SECRETS OF A POSTMISTRESS
Of late there has been a hue and cry about the loss of privacy in American life. Many people seem to sense a threat in the fact that both government and private agencies systematically collect this information about us.
Those who are so profoundly disturbed obviously have never met Mamie, our local postmaster. (Once when I called her “postmistress,” trying my best to be correct, she nearly threw me out of the post office for using suggestive language on government property.)
Mamie knows everything and never forgets a thing—except once in a while to have the mail delivered. When the February issue of one of four magazines came, Mamie apparently remembered that she was still reading the January issue. Both issues arrived at our house the same day with the January issue neatly dogeared where Mamie had marked her place in the continued fiction piece.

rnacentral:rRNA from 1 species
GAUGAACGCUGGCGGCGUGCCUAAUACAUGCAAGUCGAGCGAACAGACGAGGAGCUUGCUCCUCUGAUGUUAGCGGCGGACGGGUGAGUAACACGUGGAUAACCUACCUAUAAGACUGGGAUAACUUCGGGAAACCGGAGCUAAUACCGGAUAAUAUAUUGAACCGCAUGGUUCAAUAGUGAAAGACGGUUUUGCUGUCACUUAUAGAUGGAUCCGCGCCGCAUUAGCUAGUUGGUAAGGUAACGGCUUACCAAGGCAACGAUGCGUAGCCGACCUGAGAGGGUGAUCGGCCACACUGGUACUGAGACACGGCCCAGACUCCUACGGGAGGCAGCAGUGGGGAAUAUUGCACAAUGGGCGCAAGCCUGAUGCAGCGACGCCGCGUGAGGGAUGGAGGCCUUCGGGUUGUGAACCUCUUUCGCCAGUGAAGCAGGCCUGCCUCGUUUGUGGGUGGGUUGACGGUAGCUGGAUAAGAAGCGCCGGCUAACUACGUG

The comprehensiveness of her information was brought home to us a few months after we arrived in town. My wife dashed off a postcard to her mother signing it “M.B.” She was interrupted while addressing it and absent-mindedly mailed it with only her mother’s name on the address side.
The following day when she was in the post office Mamie handed her the card saying, “Here’s your card to your mother. You forgot to address it.” Some of our best friends don’t know my wife’s maiden name, but Mamie does.
Where the FBI collects material, Mamie assimilates it and forms a judgment about the character and personality of the individual involved. By carefully studying what various members of the community are reading, she has put together a mental dossier on each that would put the FBI to shame.
Jim Hicks is the “seed catalogue man.” The fact that he earns his living as a ...1
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